IN THE KEY OF THREE: A POPULISM UPDATE FROM ITALY
Speaking of populism, here are three recent stories from Italy, a country at the center of various European controversies. One centers on domestic policy, the second on squabbles with the populists next door, and the third on a coming showdown with the European Union.
Story 1: Three migrants from Senegal and Nigeria have been arrested following the alleged rape and murder of an Italian girl inside a drug den in Rome. Interior Minister Matteo Salvini, Italy’s lead anti-immigrant populist and a figure of growing notoriety across Europe, appeared twice at the crime scene in a single day to maximize attention on the event. He was greeted there by both supporters and hecklers.
These three migrants may be guilty of this heinous crime. Or they may be innocent. Or they may have participated in the crime alongside Italians. From a political standpoint, it won’t matter. Salvini’s supporters will accept his accusations against the migrants at face value. His critics will search for alternative explanations.
This is the current political climate in Italy—and in other countries, as well.
Story 2: The region of South Tyrol, part of the Austrian Hapsburg empire until the close of World War I, still includes many people who speak German. Austria’s far-right Freedom Party has floated a plan to give these people, and those who speak a local language known as Ladin, Austrian citizenship.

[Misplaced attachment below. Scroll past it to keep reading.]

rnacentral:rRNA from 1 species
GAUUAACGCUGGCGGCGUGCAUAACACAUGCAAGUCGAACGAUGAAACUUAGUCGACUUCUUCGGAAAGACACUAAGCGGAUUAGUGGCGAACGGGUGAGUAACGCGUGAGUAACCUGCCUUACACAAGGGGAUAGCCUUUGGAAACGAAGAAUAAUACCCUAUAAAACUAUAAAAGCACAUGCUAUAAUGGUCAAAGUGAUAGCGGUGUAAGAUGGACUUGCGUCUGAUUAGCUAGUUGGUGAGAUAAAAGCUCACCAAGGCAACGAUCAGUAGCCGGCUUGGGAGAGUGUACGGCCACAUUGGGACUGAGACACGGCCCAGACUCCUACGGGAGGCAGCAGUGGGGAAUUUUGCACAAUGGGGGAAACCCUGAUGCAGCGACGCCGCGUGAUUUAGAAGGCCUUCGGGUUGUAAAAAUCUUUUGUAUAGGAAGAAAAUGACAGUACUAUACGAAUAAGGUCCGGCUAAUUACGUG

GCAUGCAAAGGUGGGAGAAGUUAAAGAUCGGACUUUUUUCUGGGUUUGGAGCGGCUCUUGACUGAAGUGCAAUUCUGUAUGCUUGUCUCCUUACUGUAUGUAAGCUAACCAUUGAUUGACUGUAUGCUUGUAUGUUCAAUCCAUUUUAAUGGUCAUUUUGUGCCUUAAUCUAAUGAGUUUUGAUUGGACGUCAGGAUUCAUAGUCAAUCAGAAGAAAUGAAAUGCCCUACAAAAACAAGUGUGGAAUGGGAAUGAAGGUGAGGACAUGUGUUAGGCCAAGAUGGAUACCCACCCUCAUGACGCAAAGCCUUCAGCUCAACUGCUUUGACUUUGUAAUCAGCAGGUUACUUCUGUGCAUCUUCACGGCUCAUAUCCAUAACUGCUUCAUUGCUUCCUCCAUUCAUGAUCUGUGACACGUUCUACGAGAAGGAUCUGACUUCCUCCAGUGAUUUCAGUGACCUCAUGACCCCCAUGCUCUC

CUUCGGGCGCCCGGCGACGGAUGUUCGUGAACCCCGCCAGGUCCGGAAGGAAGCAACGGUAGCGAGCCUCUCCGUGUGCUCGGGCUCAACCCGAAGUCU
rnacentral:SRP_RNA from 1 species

Trouble is… South Tyrol has been part of Italy for 99 years, and many Italians, including Salvini, say Austria has no right to grant Italians dual citizenship. Complicating matters further, the Austrian offer only applies to residents of South Tyrol who speak German (60 percent) or Ladin (4 percent). Italian speakers need not apply.
The irony is that nationalists in Italy and Austria will shake fists at one another over this controversy, but both groups benefit from it with supporters at home. It’s a win-win political fight—unless and until it’s resolved, and someone must publicly accept defeat.
Story 3: Finally, there is the story that will impact the largest number of people. The European Commission took the unprecedented step this week of rejecting a proposed member-state budget, this one from Italy. The two parties currently in power in Italy were delighted with the news.
The Five-Star Movement, the largest vote-getter at the last election, wants to offer struggling Italian families, particularly in Italy’s poorer south, with universal basic income. Its junior coalition partner, Lega, wants tax cuts for the more prosperous northern provinces. Together, they submitted a budget which the Commission says will blow up Italy’s already high debt and threaten Europe’s economic stability.
Why are Five-Star and Lega so happy? EU rejection of this budget allows them to blame European bureaucrats for economic hardship in Europe and to present themselves to Italian voters and taxpayers as fearless protectors of Italian independence against the bullies from Brussels.
The informal response from Five-Star and Lega officials has been a closed fist waving the Italian flag. Their formal response will come in the next two weeks. The bad news for Italy: Financial markets may decide in the meantime that Italy is no longer a good bet, dramatically raising borrowing costs for the government and political trouble for all concerned.